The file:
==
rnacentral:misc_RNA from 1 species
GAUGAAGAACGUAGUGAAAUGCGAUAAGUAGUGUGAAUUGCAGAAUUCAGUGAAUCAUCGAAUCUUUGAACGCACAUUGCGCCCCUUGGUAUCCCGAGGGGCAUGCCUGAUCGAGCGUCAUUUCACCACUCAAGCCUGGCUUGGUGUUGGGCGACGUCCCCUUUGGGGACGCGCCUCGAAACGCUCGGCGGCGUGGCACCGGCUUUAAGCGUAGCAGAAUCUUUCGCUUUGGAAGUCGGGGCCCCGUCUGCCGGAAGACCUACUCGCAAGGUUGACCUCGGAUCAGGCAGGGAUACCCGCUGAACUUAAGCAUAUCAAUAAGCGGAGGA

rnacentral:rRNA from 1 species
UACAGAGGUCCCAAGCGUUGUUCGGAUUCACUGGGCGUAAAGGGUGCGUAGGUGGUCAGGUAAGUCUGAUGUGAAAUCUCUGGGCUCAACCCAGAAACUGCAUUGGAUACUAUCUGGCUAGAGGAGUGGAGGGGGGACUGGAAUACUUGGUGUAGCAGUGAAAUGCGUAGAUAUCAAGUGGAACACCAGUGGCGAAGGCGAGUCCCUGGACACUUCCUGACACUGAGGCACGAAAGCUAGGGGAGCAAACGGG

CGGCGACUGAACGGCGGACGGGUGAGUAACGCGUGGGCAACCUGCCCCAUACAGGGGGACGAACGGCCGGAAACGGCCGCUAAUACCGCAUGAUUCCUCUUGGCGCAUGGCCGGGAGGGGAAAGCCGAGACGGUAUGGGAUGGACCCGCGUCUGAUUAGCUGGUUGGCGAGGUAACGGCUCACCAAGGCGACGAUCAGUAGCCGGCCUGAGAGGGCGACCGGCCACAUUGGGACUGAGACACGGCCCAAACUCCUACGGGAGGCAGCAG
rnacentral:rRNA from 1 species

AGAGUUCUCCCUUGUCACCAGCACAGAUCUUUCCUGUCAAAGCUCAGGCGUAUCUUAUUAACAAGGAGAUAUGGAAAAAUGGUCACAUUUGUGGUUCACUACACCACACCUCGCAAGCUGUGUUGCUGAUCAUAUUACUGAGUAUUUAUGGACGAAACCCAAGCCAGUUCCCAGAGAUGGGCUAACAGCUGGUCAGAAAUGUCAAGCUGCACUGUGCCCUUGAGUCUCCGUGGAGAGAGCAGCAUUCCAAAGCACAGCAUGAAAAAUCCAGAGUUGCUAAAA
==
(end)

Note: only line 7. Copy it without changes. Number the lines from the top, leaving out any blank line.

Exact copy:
AGAGUUCUCCCUUGUCACCAGCACAGAUCUUUCCUGUCAAAGCUCAGGCGUAUCUUAUUAACAAGGAGAUAUGGAAAAAUGGUCACAUUUGUGGUUCACUACACCACACCUCGCAAGCUGUGUUGCUGAUCAUAUUACUGAGUAUUUAUGGACGAAACCCAAGCCAGUUCCCAGAGAUGGGCUAACAGCUGGUCAGAAAUGUCAAGCUGCACUGUGCCCUUGAGUCUCCGUGGAGAGAGCAGCAUUCCAAAGCACAGCAUGAAAAAUCCAGAGUUGCUAAAA